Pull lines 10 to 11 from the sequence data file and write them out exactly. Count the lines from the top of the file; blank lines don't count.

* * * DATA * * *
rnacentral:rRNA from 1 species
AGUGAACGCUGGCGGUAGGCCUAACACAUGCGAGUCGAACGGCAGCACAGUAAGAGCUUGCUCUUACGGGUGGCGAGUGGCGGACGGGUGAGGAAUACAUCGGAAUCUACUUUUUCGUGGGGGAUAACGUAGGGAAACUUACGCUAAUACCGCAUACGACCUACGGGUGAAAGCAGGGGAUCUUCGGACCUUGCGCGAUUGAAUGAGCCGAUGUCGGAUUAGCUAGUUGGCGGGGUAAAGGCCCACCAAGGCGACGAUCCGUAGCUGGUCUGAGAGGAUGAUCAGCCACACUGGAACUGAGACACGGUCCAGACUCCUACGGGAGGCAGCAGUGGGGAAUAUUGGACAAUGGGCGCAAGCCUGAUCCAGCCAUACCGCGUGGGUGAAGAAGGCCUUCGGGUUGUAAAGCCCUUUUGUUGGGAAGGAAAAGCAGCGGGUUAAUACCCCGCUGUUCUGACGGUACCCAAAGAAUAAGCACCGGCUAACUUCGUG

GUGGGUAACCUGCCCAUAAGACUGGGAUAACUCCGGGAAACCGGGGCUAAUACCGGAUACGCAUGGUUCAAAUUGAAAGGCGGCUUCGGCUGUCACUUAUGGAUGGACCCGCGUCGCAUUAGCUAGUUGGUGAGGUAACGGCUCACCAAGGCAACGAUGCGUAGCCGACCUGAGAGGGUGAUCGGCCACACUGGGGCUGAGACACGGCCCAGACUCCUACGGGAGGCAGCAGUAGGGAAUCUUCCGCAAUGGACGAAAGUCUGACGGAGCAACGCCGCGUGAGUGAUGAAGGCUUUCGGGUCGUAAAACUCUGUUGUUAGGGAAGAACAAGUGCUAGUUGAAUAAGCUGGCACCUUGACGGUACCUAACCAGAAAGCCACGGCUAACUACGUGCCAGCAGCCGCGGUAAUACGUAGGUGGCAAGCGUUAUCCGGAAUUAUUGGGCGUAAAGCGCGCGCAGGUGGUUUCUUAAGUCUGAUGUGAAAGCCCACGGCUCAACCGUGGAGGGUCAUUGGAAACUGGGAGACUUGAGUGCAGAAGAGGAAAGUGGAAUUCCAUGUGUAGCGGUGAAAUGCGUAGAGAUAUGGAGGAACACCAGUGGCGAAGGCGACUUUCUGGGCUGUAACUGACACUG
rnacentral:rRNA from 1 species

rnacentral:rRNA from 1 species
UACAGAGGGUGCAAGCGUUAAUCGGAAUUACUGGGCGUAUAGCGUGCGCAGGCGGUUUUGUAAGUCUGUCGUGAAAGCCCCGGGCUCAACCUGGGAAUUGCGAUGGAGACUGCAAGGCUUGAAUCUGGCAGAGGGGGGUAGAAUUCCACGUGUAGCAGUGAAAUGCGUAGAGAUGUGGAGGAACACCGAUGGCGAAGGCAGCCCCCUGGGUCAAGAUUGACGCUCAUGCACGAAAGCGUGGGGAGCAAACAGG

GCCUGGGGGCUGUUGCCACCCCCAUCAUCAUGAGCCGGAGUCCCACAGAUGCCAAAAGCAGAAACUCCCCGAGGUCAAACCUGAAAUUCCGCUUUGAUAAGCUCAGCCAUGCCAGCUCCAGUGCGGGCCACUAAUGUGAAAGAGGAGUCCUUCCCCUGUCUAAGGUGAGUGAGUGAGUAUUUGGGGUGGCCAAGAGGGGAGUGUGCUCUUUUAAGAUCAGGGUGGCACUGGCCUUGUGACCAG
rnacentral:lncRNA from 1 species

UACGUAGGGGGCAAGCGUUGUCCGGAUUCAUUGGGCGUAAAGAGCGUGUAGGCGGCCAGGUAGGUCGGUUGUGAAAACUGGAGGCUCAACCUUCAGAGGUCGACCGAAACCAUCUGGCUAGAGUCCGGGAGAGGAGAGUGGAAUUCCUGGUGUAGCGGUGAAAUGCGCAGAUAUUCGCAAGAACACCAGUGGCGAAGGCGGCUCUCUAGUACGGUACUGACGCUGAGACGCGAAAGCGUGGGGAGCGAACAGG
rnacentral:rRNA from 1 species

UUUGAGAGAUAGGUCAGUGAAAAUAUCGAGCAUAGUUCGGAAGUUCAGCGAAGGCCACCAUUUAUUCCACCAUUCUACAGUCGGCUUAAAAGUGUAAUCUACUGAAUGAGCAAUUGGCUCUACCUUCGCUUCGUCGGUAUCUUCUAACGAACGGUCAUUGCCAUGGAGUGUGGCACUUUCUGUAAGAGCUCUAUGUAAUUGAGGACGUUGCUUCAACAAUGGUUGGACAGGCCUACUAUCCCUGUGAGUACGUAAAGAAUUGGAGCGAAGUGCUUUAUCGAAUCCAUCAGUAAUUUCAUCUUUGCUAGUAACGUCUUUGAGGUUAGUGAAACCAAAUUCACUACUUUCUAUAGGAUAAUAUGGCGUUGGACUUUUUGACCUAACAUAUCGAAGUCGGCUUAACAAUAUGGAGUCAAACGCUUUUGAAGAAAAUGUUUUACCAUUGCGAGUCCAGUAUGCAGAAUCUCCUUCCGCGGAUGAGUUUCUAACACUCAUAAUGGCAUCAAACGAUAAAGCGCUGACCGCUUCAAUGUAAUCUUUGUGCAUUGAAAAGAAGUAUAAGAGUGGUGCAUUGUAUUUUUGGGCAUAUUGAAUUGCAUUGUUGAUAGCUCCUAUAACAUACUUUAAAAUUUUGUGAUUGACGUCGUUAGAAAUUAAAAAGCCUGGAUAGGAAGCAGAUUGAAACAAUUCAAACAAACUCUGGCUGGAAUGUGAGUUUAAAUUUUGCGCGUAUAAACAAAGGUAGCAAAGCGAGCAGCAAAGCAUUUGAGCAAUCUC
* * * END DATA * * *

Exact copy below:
rnacentral:rRNA from 1 species

UUUGAGAGAUAGGUCAGUGAAAAUAUCGAGCAUAGUUCGGAAGUUCAGCGAAGGCCACCAUUUAUUCCACCAUUCUACAGUCGGCUUAAAAGUGUAAUCUACUGAAUGAGCAAUUGGCUCUACCUUCGCUUCGUCGGUAUCUUCUAACGAACGGUCAUUGCCAUGGAGUGUGGCACUUUCUGUAAGAGCUCUAUGUAAUUGAGGACGUUGCUUCAACAAUGGUUGGACAGGCCUACUAUCCCUGUGAGUACGUAAAGAAUUGGAGCGAAGUGCUUUAUCGAAUCCAUCAGUAAUUUCAUCUUUGCUAGUAACGUCUUUGAGGUUAGUGAAACCAAAUUCACUACUUUCUAUAGGAUAAUAUGGCGUUGGACUUUUUGACCUAACAUAUCGAAGUCGGCUUAACAAUAUGGAGUCAAACGCUUUUGAAGAAAAUGUUUUACCAUUGCGAGUCCAGUAUGCAGAAUCUCCUUCCGCGGAUGAGUUUCUAACACUCAUAAUGGCAUCAAACGAUAAAGCGCUGACCGCUUCAAUGUAAUCUUUGUGCAUUGAAAAGAAGUAUAAGAGUGGUGCAUUGUAUUUUUGGGCAUAUUGAAUUGCAUUGUUGAUAGCUCCUAUAACAUACUUUAAAAUUUUGUGAUUGACGUCGUUAGAAAUUAAAAAGCCUGGAUAGGAAGCAGAUUGAAACAAUUCAAACAAACUCUGGCUGGAAUGUGAGUUUAAAUUUUGCGCGUAUAAACAAAGGUAGCAAAGCGAGCAGCAAAGCAUUUGAGCAAUCUC